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Latest revision as of 12:38, 19 February 2013
Default Deny is a type of firewall ruleset in which the default condition of the firewall is to deny ALL connectivity - from anywhere, to anywhere. A default deny firewall with no additional rules loaded effectively has no network interfaces in it at all.
You do need to be careful in how you manipulate a default deny system - for instance, if you try to reload the firewall rules remotely, you'll kill it (since the shell session will terminate as soon as the system returns to default rules, thereby never getting the chance to load the extra rules that allow some types of connectivity). However, default deny is the recommended type of firewall ruleset, because while a default allow setup would not have the problem outlined above, it would be vulnerable to a race condition in which an attacker could compromise the system by attacking it in the period between the reset to the default allow ruleset and reloading of additional rules to restrict access afterwards.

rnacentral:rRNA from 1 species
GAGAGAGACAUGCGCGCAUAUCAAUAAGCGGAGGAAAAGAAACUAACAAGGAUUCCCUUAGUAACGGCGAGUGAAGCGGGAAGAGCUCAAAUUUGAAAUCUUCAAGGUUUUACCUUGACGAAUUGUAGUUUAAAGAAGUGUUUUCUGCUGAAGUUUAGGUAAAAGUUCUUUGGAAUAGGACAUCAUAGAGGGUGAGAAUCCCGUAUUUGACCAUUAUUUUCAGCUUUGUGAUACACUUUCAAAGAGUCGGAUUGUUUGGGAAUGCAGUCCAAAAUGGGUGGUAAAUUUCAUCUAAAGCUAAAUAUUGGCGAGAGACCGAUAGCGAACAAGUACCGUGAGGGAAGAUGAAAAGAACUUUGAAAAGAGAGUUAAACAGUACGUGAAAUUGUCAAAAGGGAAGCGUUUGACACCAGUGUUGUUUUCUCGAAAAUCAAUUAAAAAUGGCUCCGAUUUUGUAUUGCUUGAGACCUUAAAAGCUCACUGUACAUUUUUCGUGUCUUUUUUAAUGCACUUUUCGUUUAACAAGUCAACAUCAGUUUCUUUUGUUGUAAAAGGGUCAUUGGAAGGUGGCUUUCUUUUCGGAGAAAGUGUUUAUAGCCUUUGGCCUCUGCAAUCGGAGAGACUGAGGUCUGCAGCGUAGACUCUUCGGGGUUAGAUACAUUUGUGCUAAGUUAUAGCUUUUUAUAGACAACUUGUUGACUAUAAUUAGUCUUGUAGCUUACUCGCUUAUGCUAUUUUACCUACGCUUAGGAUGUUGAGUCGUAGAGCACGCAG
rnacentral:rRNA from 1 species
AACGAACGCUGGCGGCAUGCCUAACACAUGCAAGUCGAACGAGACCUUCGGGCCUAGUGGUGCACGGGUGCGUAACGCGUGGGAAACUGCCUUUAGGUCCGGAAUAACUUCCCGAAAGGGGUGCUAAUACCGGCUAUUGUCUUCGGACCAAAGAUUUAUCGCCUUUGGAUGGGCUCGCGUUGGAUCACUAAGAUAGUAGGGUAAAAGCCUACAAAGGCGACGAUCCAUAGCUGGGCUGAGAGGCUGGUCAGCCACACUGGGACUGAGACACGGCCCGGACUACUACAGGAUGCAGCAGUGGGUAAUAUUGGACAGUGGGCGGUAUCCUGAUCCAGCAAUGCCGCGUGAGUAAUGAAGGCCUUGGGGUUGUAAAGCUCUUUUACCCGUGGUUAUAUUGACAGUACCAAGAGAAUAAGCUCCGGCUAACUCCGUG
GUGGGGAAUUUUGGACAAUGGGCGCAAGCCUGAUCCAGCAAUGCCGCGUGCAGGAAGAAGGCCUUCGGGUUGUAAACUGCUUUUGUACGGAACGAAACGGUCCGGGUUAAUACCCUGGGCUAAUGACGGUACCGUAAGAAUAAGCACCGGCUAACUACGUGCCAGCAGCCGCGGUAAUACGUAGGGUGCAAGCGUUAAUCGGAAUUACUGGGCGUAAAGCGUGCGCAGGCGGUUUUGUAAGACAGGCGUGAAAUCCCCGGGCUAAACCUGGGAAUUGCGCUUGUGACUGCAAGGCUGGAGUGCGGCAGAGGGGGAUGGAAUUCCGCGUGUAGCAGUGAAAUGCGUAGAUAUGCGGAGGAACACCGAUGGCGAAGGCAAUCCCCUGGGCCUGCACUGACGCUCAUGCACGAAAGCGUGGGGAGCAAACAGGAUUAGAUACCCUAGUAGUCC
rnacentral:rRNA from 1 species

All FreeBSD systems running ipfw are automatically default deny systems unless specified otherwise in a custom kernel, with the line options IPFIREWALL_DEFAULT_TO_ACCEPT. For the race condition reason outlined above, it is NOT recommended that you override this behavior to force a default allow ruleset.
see also: Firewall, Configuring